I find this tragic, mainly for two reasons. First off, what does it say about our society and about the industry that it's taken this long for a studio-backed retelling of the suffragette movement? Universal suffrage (for women and people of color) is one of the most significant issues of human rights and yet we're only beginning to tell their stories with films like Selma and now Suffragette. They faced atrocious horrors in striving toward these rights--and I do say striving not achieving as we still have work to do. But that leads to the second reason this is so tragic: because we're still struggling over the same basic questions. As Dorothy Sayers so bluntly put it Are Women Human? And, though it's 2015, Suffragette reinforces, "I'm worth no more, no less than you."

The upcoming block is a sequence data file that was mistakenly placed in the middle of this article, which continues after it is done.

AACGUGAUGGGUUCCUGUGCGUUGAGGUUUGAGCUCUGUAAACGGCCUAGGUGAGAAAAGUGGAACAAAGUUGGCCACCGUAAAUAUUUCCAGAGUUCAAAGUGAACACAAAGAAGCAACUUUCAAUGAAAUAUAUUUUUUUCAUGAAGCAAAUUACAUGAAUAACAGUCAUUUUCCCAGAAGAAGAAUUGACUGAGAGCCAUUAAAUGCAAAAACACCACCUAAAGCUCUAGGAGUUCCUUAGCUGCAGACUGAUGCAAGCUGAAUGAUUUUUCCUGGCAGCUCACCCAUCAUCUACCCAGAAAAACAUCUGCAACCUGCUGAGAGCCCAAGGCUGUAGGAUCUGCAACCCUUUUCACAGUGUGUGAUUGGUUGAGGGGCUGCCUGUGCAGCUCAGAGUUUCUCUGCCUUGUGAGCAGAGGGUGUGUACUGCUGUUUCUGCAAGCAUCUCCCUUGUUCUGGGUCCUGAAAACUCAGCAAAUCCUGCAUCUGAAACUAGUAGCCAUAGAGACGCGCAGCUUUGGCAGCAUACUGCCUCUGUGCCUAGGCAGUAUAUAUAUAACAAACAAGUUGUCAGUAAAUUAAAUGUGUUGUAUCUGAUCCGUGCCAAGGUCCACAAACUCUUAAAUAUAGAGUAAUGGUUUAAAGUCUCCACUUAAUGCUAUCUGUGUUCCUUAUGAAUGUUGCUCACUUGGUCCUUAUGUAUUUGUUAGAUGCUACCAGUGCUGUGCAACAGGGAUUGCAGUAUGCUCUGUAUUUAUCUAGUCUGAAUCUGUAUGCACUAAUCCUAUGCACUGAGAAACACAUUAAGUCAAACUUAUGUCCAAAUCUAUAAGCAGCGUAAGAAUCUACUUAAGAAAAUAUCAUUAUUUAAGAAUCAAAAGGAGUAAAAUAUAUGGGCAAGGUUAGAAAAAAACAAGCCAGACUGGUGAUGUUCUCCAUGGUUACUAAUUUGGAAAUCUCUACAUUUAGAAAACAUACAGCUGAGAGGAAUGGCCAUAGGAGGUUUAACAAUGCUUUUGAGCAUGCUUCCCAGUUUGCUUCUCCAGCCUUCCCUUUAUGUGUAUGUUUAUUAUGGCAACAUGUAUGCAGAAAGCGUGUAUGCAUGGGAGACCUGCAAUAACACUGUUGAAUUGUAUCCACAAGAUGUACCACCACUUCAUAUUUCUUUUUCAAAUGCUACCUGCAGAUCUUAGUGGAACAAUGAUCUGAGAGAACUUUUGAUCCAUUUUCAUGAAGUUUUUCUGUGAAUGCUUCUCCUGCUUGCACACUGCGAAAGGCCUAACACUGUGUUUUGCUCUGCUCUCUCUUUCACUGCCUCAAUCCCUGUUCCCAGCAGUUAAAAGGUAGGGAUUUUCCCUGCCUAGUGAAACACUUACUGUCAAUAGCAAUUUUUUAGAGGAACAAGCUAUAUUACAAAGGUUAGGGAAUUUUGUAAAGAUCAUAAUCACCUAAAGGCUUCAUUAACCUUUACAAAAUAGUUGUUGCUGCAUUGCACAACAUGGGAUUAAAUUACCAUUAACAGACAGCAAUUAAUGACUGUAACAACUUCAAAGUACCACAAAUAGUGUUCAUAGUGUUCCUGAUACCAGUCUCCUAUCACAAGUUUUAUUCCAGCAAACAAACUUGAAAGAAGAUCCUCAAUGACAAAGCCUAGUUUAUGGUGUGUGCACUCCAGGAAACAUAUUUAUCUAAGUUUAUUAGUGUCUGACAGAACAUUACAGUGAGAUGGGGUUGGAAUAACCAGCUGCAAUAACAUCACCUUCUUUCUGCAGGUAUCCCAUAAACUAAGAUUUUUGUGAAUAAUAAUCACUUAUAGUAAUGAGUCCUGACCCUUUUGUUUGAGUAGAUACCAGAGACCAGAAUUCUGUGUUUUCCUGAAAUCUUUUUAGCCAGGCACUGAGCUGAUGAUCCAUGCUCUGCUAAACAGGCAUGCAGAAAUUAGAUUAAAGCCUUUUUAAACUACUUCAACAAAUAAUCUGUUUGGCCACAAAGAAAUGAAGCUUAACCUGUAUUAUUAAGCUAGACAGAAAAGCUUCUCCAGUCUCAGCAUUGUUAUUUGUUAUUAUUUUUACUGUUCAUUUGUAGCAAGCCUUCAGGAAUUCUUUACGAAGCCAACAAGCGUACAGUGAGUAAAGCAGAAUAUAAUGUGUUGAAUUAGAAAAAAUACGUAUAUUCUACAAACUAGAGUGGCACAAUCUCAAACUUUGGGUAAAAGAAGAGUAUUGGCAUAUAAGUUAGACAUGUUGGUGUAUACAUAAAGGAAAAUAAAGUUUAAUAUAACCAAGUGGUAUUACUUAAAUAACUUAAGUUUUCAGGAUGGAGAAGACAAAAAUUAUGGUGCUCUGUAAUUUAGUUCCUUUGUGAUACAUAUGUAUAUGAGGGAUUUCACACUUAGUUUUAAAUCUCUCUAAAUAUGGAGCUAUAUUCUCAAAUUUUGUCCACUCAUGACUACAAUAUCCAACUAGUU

But I also find it so very beautiful. For the United States, August 18, 2017 will mark 100 years that women will have had the right to vote--making 2016 only the 25th presidential election women had any say in. Long and not long at the same time, the right to vote can never be appreciated enough and the sacrifices it took to earn should never be forgotten.